6 red flags: how to spot a subtly controlling partner
We’ve all heard the horror stories — relationships where one partner is toxic, controlling, maybe even abusive. As much as you might have compassion and empathy for people trapped in those types of relationships, it can be hard to imagine how they happen if you’ve never been in one yourself. How can someone put up with behavior that is so clearly unacceptable? So clearly twisted? The difficult truth about a lot of toxic relationships is that they often don’t start out the way. Manipulative people have a way of drawing people in and then, little by little, letting their toxic behavior take over.
This is especially true with controlling partners. Although control may seem obvious in its most extreme forms, it can be very difficult to spot those early, subtle signs of control that later turn into a full-blown nightmare. So if you’re worried you or a friend may be in a controlling relationship, here are the signs of a subtly controlling partner you should be on the lookout for.
1. Being “protective”
This is a tough one- because it is totally normal to be protective of your partner. But a controlling person will use this so-called protectiveness as a way of separating you from your friends and family. If they are constantly claiming that your friends and family don't treat you well enough or don’t deserve you and begin to suggest that you ditch them, it can be a sign that they’re isolating you from your support network. Isolation is key to controlling behavior, because outside influences are the people who can intervene and lessen your partner's control. If you see a partner putting distance between you and the people who care about you, that’s something to pay attention to.
2. Being way overly coupley on social media
If someone is constantly tagging you in photos or posting updates about the two of you, that can seem like the early signs of love. But sometimes, that’s a doorway into control. By being over the top about you as a couple is a subtle clue that you should be equally obsessed with them on social media — and sometimes this can lead to jealousy, monitoring your usage, or trying to control what you do and don’t post. Any form of invasion of privacy can be used as a controlling mechanism, because it limits your autonomy and your connection with the outside world.
3. Wanting lots of “quality time”
Being possessive is one of the most obvious signs of control, but in the early days, it can look much more innocent. Maybe they just start suggesting that you cancel on your friends for the night so you can have some more cuddly couple time, maybe they start tagging along to girls’ nights, but every time act like it’s just a one-off fluke. And then it keeps happening — and keeps happening. If those boundaries start to look blurry early on, it may be a sign of controlling behavior down the line.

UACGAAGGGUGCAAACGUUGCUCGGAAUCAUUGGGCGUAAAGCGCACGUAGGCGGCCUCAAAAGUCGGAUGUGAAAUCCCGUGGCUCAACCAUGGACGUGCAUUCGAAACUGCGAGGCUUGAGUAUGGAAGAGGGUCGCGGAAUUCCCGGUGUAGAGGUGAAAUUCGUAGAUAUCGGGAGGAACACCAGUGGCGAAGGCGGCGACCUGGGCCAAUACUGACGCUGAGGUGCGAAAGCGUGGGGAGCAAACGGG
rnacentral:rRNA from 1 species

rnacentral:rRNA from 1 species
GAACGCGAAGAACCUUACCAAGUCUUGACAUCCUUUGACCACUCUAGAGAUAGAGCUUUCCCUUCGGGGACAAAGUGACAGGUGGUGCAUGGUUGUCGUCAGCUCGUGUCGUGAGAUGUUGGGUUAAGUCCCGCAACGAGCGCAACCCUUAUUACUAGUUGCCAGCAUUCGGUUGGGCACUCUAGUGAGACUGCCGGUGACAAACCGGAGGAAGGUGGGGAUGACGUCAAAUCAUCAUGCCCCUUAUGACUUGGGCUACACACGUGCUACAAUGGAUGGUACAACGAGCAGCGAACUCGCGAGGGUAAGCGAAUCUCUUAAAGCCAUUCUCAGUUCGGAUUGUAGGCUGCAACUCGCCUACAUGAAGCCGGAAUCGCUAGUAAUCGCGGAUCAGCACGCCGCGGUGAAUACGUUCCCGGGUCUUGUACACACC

4. Punishing behavior they think is inappropriate
One way that controlling partners gain their power is by getting you to amend your own behavior — and punishment is very effective. If you go out with friends, don’t text back quickly enough, or pursue a hobby without them, they will let you know that they disapprove — often through the silent treatment. Though other methods of punishment are effective, the silent treatment has a special way of making someone feel deeply uncomfortable, guilty, and ultimately make them stop behaving in the way that provoked punishment. If they make life difficult enough for you, you’ll stop doing the things that make them angry — limiting your independence and giving them control.
5. Backhanded compliments
Backhanded compliments are a really horrible form of control and, though they can happen in any relationship, often are used against people who are less experienced in dating. They might say things like, “I don’t know why nobody else sees how great you are.” or “I’m the only one who can see the real you.” It sounds like a compliment, but actually it’s their way of saying nobody will ever want you besides them, so you better deal with their bad behavior.
6. Gaslighting you
Gaslighting is a buzzword these days — and for a very good reason — it’s a disgusting, virulent form of coercion and control. But even though gaslighting is often portrayed as dramatic (and it certainly can be) it’s often introduced in very subtle ways that you might not even notice. Maybe your partner announces you’re meeting friends for drinks tonight and they swear they told you, but you know they haven’t. Maybe they “tidy” things to different areas of your home, so you can never find anything. It makes you doubt yourself and gives them authority, which allows them to control your sense of reality.
There are a lot of different ways someone can try to control their partner, but even the most intensive controlling or abusive relationships rarely start out the way. Subtle signs of control can work their way in, so it’s important to be able to spot them from the start.